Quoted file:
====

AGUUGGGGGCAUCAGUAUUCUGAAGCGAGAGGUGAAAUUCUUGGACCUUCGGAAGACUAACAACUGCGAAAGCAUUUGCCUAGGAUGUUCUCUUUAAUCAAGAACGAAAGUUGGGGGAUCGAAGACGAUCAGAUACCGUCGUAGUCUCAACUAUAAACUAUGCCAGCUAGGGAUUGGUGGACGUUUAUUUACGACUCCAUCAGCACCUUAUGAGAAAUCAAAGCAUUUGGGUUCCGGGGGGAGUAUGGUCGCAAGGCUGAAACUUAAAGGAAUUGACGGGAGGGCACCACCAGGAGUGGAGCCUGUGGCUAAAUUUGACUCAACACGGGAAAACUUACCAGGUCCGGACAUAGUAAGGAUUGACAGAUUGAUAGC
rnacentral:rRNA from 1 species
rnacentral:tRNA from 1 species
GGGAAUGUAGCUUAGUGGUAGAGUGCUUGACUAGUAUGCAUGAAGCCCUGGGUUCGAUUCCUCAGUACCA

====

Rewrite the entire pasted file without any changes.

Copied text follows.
AGUUGGGGGCAUCAGUAUUCUGAAGCGAGAGGUGAAAUUCUUGGACCUUCGGAAGACUAACAACUGCGAAAGCAUUUGCCUAGGAUGUUCUCUUUAAUCAAGAACGAAAGUUGGGGGAUCGAAGACGAUCAGAUACCGUCGUAGUCUCAACUAUAAACUAUGCCAGCUAGGGAUUGGUGGACGUUUAUUUACGACUCCAUCAGCACCUUAUGAGAAAUCAAAGCAUUUGGGUUCCGGGGGGAGUAUGGUCGCAAGGCUGAAACUUAAAGGAAUUGACGGGAGGGCACCACCAGGAGUGGAGCCUGUGGCUAAAUUUGACUCAACACGGGAAAACUUACCAGGUCCGGACAUAGUAAGGAUUGACAGAUUGAUAGC
rnacentral:rRNA from 1 species
rnacentral:tRNA from 1 species
GGGAAUGUAGCUUAGUGGUAGAGUGCUUGACUAGUAUGCAUGAAGCCCUGGGUUCGAUUCCUCAGUACCA